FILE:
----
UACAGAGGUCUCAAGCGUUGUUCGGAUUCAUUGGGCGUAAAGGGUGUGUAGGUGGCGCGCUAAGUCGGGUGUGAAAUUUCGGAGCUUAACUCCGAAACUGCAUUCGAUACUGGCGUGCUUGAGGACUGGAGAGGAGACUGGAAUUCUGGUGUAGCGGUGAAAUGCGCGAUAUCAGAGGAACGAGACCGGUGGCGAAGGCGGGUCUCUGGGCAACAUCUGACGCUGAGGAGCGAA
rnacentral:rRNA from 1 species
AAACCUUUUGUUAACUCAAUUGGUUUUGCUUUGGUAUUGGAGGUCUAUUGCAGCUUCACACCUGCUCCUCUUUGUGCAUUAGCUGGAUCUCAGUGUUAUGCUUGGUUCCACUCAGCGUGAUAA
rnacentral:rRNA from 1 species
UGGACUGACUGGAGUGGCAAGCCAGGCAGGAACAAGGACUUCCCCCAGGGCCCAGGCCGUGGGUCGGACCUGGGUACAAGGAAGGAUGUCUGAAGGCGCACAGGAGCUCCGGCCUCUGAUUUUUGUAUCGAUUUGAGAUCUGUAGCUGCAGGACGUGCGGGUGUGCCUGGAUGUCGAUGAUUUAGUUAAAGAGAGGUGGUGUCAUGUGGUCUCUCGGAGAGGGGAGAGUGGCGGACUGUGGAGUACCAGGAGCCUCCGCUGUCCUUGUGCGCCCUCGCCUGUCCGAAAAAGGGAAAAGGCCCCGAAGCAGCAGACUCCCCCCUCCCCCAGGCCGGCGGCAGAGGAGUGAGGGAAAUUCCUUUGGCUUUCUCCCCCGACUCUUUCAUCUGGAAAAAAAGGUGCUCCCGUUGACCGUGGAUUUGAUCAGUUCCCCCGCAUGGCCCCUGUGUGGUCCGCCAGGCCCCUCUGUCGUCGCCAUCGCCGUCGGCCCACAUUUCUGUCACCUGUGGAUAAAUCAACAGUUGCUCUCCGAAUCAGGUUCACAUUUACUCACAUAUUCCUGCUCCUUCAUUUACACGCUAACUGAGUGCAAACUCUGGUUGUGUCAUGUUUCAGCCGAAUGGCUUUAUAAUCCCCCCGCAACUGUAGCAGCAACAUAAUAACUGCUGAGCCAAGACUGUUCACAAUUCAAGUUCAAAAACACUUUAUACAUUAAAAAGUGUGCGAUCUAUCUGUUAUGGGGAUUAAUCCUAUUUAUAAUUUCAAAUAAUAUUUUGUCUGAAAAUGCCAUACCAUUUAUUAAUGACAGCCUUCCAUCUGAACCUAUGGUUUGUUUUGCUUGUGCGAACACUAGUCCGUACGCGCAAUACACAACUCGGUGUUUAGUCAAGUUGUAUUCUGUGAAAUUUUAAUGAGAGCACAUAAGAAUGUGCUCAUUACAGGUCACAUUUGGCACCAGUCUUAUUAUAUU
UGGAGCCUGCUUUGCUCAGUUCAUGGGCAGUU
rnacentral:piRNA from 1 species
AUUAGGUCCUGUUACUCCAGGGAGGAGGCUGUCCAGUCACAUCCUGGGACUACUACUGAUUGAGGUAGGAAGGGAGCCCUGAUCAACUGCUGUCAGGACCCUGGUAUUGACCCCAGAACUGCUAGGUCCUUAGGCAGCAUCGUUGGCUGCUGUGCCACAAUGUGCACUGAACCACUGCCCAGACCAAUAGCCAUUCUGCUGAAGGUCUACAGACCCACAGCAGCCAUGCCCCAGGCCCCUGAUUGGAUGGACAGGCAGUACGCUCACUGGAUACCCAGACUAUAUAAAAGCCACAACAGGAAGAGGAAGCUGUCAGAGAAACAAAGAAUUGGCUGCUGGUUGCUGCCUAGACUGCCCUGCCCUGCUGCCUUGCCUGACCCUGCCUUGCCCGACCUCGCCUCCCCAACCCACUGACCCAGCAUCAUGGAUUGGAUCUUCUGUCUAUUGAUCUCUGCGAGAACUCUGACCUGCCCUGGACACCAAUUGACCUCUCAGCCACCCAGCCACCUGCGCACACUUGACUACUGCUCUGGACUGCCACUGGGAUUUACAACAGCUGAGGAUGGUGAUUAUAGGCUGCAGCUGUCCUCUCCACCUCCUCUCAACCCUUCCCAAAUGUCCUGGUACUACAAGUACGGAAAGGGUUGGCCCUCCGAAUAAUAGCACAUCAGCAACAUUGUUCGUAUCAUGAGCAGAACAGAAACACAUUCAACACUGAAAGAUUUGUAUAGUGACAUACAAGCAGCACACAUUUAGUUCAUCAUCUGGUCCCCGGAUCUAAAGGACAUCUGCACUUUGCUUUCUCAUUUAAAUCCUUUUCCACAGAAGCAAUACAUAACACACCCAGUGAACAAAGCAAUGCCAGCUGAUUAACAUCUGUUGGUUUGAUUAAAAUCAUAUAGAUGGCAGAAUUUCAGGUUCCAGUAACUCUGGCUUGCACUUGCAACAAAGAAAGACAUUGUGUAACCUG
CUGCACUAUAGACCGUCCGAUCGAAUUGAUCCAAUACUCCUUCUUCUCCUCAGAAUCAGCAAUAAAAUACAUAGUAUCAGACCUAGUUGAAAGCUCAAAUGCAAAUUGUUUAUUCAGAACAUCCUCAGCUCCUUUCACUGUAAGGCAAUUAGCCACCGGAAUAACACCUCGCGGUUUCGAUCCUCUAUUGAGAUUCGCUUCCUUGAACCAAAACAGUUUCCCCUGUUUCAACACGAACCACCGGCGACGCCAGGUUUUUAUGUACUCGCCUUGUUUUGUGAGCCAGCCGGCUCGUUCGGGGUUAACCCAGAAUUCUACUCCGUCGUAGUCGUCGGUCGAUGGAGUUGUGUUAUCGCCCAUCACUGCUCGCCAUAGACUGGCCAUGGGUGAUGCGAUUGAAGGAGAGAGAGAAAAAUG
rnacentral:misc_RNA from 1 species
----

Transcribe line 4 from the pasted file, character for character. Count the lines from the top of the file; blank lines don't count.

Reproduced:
rnacentral:rRNA from 1 species